Stator stack 18 is made of nickel-iron laminations 21 having a coefficient of thermal expansion of 5.8 l0 in./in./ C., and has an outer diameter of 0.8750 inch.

It is desired to provide a housing 13 having a thermal coeificient of expansion equal to that of stator stack'18 (5.8 10 in./in./ C.), and a maximum outer diameter of 1.06525 inches.

Outer casing 24 is made of 2024T aluminum alloy having a coefficient of thermal expansion of 232x10- in./in./ C., and a modulus of elasticity of 10.6 l0 p.s.i.

Butler sleeve 25 is made of the preferred material hereinbefore described having a coeflicient of thermal expansion of 1.6x 10 in./in./ C., and amodulus of elasticity of 21.0 10 p.s.i.

The total available wall thickness for buffer. sleeve 25 and outer casing 24 is one-half the diflerence between the outer diameter of casing 24 and the outer diameter of stator stack 18, or /2 (10625-08750), which equals .09375 inch.

Therefore, letting:

within perhaps a half of one percent error, closer than the tolerances of the material.

Also, with all materialsfixed, a modification of Equatrons I and II gives a direct wall-thickness ratio, as follows: i V

'2 El X Ls Lb b c e s III.

This is an approximate formula which gives close results over normal temperature ranges for synchro service (-55 to C.) provided the materials used have a linear coeiiicient of expansion throughout the desired temperature range.

7 8 FromA and B, above: This means casing 24 must be heated to 160 +43:

- I 203 C. to have a .001 inch total clearance so as to assem- 9375 h 1 2212x 9 mo ble over buffer sleeve 25 easily. substituting. 5 (Also I.D. =I.D. 209p 1 Fron 1 the above figures, working backwards, the f? mm dimensions of casing 24 and buffier sleeve 25 at room ='g ()303 i h temperature (the temperature at which they are supplied 0-095 from the manufacturing operation) are determined as and follows:

n =.()9375n ID. 0] casing 24 f-gggz 1.1). 3:13.3 (1L Af) Wall thicknesses of buffer sleeve 25 and outer casing r O 'C is ID. of Casing 24 at room temperatuffi 24 being determined, the next step is to compute their of 25 fllld Al 8 25 =178 C. inner and outer diameters at room temperature in un- I D R 1 QO37 (1 23 2X1Qs 173) assembled condition, so that they may be manufactured =1 Q037 (1 0O413) to the proper size. =1.0037 .99587 The ID. of housing 13 must fit over the OD. of stator :9996 inch stack 18 at room temperature, which is assumed to be 20 C. for the purpose of this example. The required fi Sleeve 25 ID. of housing 13 is 0.8760 inch, allowing .001 inch O D R O D 160 (1 LbAt) for clearance, a figure chosen for this example only).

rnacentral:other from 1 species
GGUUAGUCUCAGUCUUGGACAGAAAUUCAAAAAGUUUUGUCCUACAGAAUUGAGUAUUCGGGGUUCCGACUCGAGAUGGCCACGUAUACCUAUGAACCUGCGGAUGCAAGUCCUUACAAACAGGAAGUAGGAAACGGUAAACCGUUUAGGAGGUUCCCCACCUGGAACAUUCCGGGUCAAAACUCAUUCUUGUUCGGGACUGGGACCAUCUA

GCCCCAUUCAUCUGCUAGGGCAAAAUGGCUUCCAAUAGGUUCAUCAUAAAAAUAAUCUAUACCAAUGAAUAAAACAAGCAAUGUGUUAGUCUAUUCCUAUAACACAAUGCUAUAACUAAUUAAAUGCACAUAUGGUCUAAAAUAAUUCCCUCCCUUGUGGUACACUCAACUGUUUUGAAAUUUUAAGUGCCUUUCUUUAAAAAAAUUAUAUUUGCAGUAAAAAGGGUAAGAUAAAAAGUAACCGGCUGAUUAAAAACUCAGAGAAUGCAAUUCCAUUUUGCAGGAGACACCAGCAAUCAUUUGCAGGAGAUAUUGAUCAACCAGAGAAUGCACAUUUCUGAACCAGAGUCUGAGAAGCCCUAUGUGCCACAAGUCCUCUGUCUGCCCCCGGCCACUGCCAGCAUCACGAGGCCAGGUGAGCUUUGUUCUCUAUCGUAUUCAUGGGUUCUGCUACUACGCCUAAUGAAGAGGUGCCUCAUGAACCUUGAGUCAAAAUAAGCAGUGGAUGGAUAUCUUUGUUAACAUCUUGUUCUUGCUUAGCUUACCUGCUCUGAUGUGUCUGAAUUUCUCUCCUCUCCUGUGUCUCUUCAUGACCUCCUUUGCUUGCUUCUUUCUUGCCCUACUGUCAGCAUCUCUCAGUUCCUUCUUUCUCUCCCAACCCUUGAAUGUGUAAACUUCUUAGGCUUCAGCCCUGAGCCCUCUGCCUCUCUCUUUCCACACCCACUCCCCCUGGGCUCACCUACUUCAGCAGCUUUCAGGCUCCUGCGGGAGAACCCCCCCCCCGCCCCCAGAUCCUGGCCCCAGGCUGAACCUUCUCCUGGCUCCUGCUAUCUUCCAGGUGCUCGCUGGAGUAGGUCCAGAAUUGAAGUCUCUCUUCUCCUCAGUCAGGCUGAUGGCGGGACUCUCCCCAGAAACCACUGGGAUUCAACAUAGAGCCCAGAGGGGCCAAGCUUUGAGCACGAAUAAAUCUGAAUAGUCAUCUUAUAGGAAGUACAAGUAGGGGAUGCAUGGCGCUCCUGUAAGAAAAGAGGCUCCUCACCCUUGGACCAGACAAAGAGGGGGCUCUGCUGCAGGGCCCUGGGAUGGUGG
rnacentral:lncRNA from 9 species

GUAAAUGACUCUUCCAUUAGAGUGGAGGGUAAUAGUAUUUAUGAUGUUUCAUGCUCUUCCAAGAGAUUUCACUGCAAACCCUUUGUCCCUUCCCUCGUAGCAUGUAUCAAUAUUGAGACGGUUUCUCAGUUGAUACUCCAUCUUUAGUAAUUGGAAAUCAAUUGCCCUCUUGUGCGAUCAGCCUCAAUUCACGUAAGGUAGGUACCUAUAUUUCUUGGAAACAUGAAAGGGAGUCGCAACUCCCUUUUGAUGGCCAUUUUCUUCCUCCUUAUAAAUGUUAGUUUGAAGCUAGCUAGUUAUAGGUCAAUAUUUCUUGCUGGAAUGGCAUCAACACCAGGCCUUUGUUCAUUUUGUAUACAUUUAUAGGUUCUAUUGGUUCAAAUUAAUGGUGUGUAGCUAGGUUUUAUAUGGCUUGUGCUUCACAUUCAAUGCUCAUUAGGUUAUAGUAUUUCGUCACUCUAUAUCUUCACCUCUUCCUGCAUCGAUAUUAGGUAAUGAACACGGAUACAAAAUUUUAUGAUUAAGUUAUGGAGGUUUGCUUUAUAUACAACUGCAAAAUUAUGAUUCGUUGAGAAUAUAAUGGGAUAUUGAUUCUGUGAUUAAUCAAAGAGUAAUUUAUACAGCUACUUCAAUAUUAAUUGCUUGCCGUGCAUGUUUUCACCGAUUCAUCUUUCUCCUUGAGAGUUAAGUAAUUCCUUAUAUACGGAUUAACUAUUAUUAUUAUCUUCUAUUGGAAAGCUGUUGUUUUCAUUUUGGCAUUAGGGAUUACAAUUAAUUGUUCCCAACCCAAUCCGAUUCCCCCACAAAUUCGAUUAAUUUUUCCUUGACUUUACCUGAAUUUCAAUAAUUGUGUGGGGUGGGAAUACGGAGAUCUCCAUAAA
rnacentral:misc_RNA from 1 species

Since the housing 13 expands and contracts with a cowhere M is 1600*250Z135O efiicient of thermal expansion of L =L =5.8 10 25 O.D. =1.0027 (1-1.6 10 135) in./in./ C., the I.D. expands to the following value at =1,0()27 (1 ()0Q22) a temperature of 160 C. (an arbitrary temperature larger =1 ()027 .99978 than the maximum service temperature of 125 C.): =1 0025 i h -b -h S 30 ID. of bufier sleeve 25 where I.D. is the ID. of the buffer sleeve 25 at 160 I-D- =I-D- (1L C., 'I.D. is the ID. of housing 13 at room temperature =-8767 (1 -6 10 of 25 C., and At is 160-25=135 =.8767 .99978 I.D. =.8760(1+5.8 10- 135) Inch =.87'60(1+.00078) O.D. of casing 24 :'8767 Also, for machining purposes, the O.D. of casing 24 At this temperature of 160 C., the OD. of buffer is determined: sleeve 25 is: 40 O D 160 1 16o+2 0.D. =2n -1-I.D. =2 .0630+.8767 =1.0027+2 X .030

=1.0027 =1.0627 inches This O.D. is equal to the I.D. of outer casing O.D. =O.D. (1-L At) 24 since bufier sleeve 25 and outer casing 24 are in conr =1.0627 (1-23.2 10 135) tact at 160 C. Hence, I.D. =O.D. =1.0627 (1.00313) In order for casing 24 to be assembled on buifer sleeve =1.0627 .9969 25, casing 24 is heated to a higher temperature to o'b- =1.0594 inches.

tain clearance between the OD, of buffer sleeve 25 and L 1 0 the ID. of casing 24. To provide clearance of .001 inch. The L01 table sums up the dlmenslons of outer 5O casing 24, butter sleeve 25, housing 13, and stator I.D. =I.D. (1+L At) stack 18:

TABLE I Parts as Parts as Heated for Assembly Purposes Assembled Manufactured Housing at Room Temp. 7 Room Temp. 160 0. 203 C.

Stator stack 18 OD 0.D.

25 as. as. ease- 528.. Casing 24 yLD. I.D.. 9e I. =1.0027 037 I.D.. =1.0020

------------------------------ "10.1). 0.1). =1.0594 O.D.. =1.0627.-. 0.D.. =1.06s7 O.D. =1.062O